Engineering professor receives $575,000 from the Walmart Foundation to reduce food waste

Posted on Monday, April 23rd, 2018

Mario Martinez

Between a quarter and a third of the food produced annually for human consumption is lost or wasted, which would be enough to satisfy the dietary requirements of 2,000 million people. Compared to other food or biomass-derived waste, fruit waste is rich in nutrients and nutritional compounds that can help regulate bowel health, weight, blood cholesterol, and glycemic and insulin responses to food consumption. But, as of now, there is no way to convert this national waste into edible food products.

Engineering Professor at the University of Guelph Dr. Mario Martinez and his research team propose to address this problem by developing a method for turning food waste into a value-added ingredient that can be incorporated into foods. Using cutting-edge processing, they will manipulate food waste and other edible materials at the molecular level. The team of researchers will also investigate the potential of fruit byproduct-containing foods to regulate glucose digestion and absorption and, ultimately, decrease the prevalence of hyperglycemia-related diseases such as obesity, cardiovascular disease and type-2 diabetes.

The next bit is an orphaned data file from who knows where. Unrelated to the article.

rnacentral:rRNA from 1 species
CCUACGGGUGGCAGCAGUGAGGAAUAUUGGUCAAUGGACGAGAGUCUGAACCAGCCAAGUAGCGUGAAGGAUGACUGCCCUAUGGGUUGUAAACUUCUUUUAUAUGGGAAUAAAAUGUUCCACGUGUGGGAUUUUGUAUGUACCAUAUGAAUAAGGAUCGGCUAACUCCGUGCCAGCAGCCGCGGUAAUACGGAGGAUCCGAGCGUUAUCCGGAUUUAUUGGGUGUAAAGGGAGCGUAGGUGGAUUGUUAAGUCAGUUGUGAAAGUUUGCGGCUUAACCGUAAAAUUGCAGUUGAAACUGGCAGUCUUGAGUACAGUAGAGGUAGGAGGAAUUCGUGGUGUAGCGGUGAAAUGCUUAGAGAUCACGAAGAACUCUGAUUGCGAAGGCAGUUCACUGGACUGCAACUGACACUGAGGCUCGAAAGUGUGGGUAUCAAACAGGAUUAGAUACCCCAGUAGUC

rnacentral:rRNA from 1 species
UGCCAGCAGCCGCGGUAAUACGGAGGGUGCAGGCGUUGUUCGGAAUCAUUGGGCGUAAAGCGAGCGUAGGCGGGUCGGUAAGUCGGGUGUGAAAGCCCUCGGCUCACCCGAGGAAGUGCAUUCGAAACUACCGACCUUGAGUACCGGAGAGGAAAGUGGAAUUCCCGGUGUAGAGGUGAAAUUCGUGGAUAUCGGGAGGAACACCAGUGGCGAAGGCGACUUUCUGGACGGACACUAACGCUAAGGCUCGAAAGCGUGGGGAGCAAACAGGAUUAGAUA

“We will make sure that the untapped nutritional potential of edible fruit waste finds successful application in the food industry,” says Dr. Martinez. “This program will provide fruit producers and processors with an opportunity to add sustainable monetary value to their production streams while reducing waste."

Realizing the potential of Dr. Martinez’s research to convert fresh fruit waste into food ingredients with high nutritional value, the Walmart Foundation is contributing more than $575,000 to his cutting-edge research program. “This funding will also support research to enhance health in relation to diet, digestion and metabolism,” says Dr. Martinez.

Walmart Foundation’s $15 million (USD) grant program supports non-profit organizations working to reduce food waste in Canada. The program builds on the retailer’s commitment to reduce waste in its own operations and achieve zero waste in key markets, including Canada, by 2025.